Effective change management is a cornerstone of most successful organizations. But why is change important?
Change is directly responsible for things like:
- An organization’s ability to keep up with its competitors,
- Its ability to remain efficient,
- How it takes advantage of innovation
- Compliance with emerging legislation.
So if change is so crucial – how do organizations actually “do” change?
Kurt Lewin’s model for understanding and deploying organizational change, often referred to as Unfreeze – Change – Refreeze, provides an understanding of how successful change functions, guiding an organization towards success.
In today’s article on Kurt Lewin’s Change Theory, we’ll be looking at
- What is Kurt Lewin change Theory
- Who is Kurt Lewin
- Key concepts of Change Theory
- What is the significance of Kurt Lewin Change Theory
- Benefits of Change Theory
- Criticisms of Change Theory
Let’s get started.
Lewin’s Change theory is a three-stage process that describes organizational change through the analogy of ice in that you can:
- Unfreeze it
- Create a perception that change is required
- Change it
- Move to a new, desired level of behavior/organization.
- Refreeze it
- Solidify and sustain the change.
At its most basic, a business’s chances of managing successful change depend on its change management process and how well those within the confines of the process understand them.
A key principle is that by following a method, we have a greater chance of success when deploying change than following no method at all.
With extensive research and published material on Leadership and Leadership Styles, social psychologist Kurt Lewin’s (1890-1947) continues to significantly influence business practices worldwide.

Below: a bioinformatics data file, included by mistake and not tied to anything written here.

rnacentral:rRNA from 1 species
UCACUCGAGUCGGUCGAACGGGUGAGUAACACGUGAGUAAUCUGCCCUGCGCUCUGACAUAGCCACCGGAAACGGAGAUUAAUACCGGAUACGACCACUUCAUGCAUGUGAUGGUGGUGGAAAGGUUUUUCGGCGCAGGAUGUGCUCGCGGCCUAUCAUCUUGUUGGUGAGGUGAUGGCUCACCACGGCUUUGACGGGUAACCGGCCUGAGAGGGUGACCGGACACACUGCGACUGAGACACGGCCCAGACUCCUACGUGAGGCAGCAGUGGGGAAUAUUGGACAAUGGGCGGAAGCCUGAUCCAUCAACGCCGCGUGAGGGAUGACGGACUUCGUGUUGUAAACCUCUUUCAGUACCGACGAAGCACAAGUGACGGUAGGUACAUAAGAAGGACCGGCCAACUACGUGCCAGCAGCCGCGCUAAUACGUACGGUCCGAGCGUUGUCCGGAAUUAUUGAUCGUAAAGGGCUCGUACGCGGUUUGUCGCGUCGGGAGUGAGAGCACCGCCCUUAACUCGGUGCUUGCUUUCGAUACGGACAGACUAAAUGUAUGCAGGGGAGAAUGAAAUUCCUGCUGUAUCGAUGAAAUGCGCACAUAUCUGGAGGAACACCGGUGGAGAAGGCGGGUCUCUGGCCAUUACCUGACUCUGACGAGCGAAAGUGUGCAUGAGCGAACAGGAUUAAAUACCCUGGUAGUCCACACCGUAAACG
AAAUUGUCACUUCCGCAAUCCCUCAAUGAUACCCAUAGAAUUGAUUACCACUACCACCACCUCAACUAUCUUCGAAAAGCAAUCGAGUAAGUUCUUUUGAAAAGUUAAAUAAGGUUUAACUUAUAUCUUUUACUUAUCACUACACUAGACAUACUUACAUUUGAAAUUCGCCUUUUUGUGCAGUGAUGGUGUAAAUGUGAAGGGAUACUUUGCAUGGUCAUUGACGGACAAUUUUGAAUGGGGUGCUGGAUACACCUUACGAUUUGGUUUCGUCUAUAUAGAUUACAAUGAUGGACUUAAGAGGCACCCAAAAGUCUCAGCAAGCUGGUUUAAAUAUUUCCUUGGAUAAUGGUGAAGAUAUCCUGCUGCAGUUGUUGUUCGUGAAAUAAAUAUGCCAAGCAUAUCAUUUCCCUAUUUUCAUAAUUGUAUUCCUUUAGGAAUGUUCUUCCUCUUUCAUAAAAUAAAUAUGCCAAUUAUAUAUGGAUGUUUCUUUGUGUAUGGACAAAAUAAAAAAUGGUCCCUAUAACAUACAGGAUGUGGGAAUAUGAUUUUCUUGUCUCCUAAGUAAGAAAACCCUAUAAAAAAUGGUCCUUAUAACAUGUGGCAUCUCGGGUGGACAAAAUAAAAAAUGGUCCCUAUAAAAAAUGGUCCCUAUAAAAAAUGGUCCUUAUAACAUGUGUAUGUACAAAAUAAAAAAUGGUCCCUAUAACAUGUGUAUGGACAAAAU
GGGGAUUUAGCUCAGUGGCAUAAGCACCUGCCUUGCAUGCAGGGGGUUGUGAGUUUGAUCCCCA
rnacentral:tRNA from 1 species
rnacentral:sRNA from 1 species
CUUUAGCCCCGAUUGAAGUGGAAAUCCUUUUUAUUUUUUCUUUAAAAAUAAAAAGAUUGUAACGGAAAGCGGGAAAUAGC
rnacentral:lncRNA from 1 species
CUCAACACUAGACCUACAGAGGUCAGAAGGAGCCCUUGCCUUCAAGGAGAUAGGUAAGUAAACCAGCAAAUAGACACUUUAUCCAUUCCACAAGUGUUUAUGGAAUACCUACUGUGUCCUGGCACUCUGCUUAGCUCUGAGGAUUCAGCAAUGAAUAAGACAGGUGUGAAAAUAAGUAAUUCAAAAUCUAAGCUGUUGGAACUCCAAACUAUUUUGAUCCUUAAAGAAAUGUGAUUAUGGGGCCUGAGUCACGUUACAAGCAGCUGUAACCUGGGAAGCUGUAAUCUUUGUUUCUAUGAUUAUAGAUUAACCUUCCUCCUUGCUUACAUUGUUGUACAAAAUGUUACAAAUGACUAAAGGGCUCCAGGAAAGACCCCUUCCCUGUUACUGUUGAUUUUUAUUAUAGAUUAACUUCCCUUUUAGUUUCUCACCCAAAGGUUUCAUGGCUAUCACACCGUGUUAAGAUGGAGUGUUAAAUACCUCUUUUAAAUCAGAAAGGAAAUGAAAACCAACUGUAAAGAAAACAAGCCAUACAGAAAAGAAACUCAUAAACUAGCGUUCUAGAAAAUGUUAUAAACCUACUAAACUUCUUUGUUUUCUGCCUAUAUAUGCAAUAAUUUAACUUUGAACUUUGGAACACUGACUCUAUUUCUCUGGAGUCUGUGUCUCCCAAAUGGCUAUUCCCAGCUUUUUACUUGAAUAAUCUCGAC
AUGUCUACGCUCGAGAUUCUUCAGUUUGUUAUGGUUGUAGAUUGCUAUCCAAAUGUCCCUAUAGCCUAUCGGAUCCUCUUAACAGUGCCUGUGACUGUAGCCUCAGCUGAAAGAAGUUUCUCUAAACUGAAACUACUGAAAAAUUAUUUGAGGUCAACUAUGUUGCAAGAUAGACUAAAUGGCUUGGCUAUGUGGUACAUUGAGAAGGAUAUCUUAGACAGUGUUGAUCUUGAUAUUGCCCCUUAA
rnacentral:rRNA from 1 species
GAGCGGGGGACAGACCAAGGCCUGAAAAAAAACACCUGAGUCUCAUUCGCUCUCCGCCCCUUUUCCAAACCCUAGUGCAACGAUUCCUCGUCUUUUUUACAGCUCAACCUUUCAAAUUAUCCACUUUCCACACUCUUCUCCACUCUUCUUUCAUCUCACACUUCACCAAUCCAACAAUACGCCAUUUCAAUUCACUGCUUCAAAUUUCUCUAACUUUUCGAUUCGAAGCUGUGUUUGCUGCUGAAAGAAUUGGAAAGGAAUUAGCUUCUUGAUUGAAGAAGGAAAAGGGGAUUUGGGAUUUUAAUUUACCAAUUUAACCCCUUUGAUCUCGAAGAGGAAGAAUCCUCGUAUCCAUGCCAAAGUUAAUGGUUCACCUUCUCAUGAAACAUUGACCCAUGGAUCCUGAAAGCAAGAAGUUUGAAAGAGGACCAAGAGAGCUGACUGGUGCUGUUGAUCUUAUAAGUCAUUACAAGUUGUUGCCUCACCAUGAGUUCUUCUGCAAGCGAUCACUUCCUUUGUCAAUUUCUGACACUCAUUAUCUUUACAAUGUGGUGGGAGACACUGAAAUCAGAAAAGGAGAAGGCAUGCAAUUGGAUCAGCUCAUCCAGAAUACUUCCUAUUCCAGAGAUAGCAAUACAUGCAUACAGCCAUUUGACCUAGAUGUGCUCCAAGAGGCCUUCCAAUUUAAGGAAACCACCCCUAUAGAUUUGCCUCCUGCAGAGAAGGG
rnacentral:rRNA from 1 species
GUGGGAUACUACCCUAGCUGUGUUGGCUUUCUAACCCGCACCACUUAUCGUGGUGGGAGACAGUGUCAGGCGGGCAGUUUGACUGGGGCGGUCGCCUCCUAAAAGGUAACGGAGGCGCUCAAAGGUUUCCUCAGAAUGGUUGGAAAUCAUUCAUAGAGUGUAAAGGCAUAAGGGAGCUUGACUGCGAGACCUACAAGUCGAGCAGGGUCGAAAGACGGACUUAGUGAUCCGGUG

His work included:
- Leadership Styles
- Decision Making
- Force Field Theory
- Change Management methods
As we mentioned above, Lewin’s Change theory features three states which describe how an organization transitions through the change process. Let’s cover these in a little more detail.
Stage one centers around the concept of preparation for change.
This typically involves:
- Determining why change is required (this will require a view of what could happen if no change occurs).
- Determining what needs to change (this may require a deep understanding of practices and processes)
- Determining the benefits of change (both for the organization and individuals within it).
- Fostering and obtaining support from leadership
- Obtaining acceptance from within the organization
- Developing messaging
- Capturing concerns
- Reviewing risk
- Devising the steps to be taken to implement change
Uncertainty and unease within the workforce can provide a substantial hurdle.
As a result, the first stage of change is often the most challenging, with stage one commonly evoking a strong emotional response within the workforce.
You do not achieve this purely through the voice and sentiment of one individual but usually need to have a visible goal, supported by leadership where you can demonstrate (statistically and emotionally) what would happen if the change is not adopted.
The first thing to understand is that the move from unfreeze to change does not happen immediately. Time will be required for people to, at first comprehend, and then later embrace the change for them to participate in it.
This stage usually involves elements such as:
- Executing or Doing the change (following a plan)